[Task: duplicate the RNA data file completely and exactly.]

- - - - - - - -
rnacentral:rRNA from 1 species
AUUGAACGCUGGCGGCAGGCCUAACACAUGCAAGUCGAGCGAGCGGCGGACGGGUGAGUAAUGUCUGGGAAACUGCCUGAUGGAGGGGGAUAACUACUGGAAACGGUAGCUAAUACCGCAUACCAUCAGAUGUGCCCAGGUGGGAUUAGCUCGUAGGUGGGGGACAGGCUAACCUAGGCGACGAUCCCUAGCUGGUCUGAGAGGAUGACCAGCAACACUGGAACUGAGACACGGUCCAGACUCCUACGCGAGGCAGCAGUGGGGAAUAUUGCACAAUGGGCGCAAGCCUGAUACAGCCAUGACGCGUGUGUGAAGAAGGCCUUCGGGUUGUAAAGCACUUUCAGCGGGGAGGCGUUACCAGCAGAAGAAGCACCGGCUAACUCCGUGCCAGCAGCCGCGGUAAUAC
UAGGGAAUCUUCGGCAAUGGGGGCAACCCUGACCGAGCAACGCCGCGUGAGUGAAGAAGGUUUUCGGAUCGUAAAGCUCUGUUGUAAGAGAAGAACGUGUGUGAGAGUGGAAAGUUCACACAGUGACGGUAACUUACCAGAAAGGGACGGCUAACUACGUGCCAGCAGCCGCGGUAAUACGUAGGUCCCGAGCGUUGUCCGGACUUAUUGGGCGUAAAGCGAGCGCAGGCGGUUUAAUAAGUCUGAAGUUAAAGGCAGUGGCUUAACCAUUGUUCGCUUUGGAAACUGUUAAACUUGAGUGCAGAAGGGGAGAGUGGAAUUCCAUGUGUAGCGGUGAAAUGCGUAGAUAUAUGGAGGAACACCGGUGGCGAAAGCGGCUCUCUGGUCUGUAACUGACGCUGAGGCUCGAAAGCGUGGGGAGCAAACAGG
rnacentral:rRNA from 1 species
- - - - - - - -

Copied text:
rnacentral:rRNA from 1 species
AUUGAACGCUGGCGGCAGGCCUAACACAUGCAAGUCGAGCGAGCGGCGGACGGGUGAGUAAUGUCUGGGAAACUGCCUGAUGGAGGGGGAUAACUACUGGAAACGGUAGCUAAUACCGCAUACCAUCAGAUGUGCCCAGGUGGGAUUAGCUCGUAGGUGGGGGACAGGCUAACCUAGGCGACGAUCCCUAGCUGGUCUGAGAGGAUGACCAGCAACACUGGAACUGAGACACGGUCCAGACUCCUACGCGAGGCAGCAGUGGGGAAUAUUGCACAAUGGGCGCAAGCCUGAUACAGCCAUGACGCGUGUGUGAAGAAGGCCUUCGGGUUGUAAAGCACUUUCAGCGGGGAGGCGUUACCAGCAGAAGAAGCACCGGCUAACUCCGUGCCAGCAGCCGCGGUAAUAC
UAGGGAAUCUUCGGCAAUGGGGGCAACCCUGACCGAGCAACGCCGCGUGAGUGAAGAAGGUUUUCGGAUCGUAAAGCUCUGUUGUAAGAGAAGAACGUGUGUGAGAGUGGAAAGUUCACACAGUGACGGUAACUUACCAGAAAGGGACGGCUAACUACGUGCCAGCAGCCGCGGUAAUACGUAGGUCCCGAGCGUUGUCCGGACUUAUUGGGCGUAAAGCGAGCGCAGGCGGUUUAAUAAGUCUGAAGUUAAAGGCAGUGGCUUAACCAUUGUUCGCUUUGGAAACUGUUAAACUUGAGUGCAGAAGGGGAGAGUGGAAUUCCAUGUGUAGCGGUGAAAUGCGUAGAUAUAUGGAGGAACACCGGUGGCGAAAGCGGCUCUCUGGUCUGUAACUGACGCUGAGGCUCGAAAGCGUGGGGAGCAAACAGG
rnacentral:rRNA from 1 species